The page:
Disruptive and unruly social housing tenants will be given two weeks to seek help to change their bad behaviour under the NSW Government’s strengthened antisocial behaviour policy.
Minister for Social Housing Pru Goward said the updated policy, in force from today, will require tenants who are found to have committed an antisocial behaviour offence to prove they have connected with a support service within two weeks.
“These changes will ensure tenants are supported to recognise their bad behaviour and encourage them to make a positive change before their tenancies are put at risk,” Ms Goward said.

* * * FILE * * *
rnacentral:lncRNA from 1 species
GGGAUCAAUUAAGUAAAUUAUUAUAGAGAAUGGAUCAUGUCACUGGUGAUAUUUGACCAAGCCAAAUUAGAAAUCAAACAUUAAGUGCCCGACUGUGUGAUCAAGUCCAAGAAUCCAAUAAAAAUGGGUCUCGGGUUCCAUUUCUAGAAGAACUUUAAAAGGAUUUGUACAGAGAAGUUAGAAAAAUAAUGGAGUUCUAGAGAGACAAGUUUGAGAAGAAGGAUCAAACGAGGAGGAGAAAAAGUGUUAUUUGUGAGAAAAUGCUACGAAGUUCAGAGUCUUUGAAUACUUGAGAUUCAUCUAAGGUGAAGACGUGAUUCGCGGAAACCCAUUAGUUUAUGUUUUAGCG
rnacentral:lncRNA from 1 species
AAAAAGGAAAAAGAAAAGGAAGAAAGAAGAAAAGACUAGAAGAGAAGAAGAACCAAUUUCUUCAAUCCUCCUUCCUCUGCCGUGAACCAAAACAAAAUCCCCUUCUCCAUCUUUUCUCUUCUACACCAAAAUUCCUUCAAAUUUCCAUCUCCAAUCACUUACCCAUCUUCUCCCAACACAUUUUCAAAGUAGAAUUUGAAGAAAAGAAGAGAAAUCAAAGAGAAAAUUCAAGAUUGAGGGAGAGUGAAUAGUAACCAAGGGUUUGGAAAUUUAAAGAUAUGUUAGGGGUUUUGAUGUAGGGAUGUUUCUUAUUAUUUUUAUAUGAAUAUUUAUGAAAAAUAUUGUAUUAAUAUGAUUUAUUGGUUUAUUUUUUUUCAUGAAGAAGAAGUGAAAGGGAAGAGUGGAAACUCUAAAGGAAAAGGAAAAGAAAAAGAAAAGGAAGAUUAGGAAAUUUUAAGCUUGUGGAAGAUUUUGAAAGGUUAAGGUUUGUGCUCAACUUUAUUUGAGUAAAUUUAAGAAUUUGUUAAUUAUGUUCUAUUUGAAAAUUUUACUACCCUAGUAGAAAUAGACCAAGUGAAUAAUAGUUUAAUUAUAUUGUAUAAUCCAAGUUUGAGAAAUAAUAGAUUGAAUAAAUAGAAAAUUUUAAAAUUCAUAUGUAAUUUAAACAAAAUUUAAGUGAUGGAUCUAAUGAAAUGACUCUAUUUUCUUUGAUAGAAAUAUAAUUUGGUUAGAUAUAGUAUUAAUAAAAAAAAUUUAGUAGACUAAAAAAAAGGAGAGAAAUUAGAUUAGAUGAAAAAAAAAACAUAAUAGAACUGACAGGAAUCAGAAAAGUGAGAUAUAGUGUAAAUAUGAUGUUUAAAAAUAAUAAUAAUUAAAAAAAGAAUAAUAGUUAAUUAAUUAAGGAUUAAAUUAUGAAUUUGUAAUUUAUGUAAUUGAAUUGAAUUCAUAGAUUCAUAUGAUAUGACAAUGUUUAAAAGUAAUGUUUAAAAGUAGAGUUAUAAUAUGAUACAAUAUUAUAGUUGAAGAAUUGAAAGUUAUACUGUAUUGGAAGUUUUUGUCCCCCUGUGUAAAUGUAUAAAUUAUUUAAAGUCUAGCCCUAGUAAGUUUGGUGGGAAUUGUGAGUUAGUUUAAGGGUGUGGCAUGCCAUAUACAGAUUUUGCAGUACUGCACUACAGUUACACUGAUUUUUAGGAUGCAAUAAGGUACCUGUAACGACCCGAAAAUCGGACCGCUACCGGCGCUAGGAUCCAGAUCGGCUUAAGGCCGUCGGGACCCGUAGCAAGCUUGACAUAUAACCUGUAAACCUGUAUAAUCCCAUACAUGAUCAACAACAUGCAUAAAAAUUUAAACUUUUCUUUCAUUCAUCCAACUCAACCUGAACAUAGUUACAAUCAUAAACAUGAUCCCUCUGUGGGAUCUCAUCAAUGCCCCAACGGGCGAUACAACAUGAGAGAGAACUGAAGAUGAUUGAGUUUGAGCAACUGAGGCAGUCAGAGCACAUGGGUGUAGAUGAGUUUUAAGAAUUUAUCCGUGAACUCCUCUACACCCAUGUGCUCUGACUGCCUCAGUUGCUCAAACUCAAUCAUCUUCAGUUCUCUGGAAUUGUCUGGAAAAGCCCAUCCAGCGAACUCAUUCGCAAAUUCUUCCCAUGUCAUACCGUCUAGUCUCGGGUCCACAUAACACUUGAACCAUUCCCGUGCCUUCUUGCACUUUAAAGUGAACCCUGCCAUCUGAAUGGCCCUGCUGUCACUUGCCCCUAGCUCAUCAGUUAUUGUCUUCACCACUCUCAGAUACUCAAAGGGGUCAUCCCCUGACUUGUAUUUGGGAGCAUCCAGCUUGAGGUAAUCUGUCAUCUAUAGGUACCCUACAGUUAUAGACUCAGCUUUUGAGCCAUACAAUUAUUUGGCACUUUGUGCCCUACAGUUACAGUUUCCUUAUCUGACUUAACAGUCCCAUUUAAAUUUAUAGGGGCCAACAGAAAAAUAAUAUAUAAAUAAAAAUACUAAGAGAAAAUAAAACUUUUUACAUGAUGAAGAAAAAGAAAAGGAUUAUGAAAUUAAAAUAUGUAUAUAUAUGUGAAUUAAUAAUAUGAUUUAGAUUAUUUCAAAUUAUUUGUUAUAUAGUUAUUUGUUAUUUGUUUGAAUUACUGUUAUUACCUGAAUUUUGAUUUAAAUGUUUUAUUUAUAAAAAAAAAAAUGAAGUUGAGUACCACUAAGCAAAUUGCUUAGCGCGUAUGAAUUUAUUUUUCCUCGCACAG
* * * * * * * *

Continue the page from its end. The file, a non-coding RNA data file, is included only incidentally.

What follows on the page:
“The updated policy should reassure the majority of public housing tenants who do the right thing that their neighbours are getting the help they need to stop the behaviour.”
Tenants will be supported by the Department of Family and Community Services to find appropriate support within the two-week timeframe.
Social housing tenants that successfully connect with a support service will receive a warning - those who do not will receive an immediate strike under the NSW Government’s ‘three strikes’ policy.
The new policy forms part of the NSW Government’s commitment to combat bad behaviour in social housing. Legislation passed earlier in the year to give the Government the power to make tenants who have caused significant damage to their public housing property pay a rental bond and evict those guilty of rental fraud.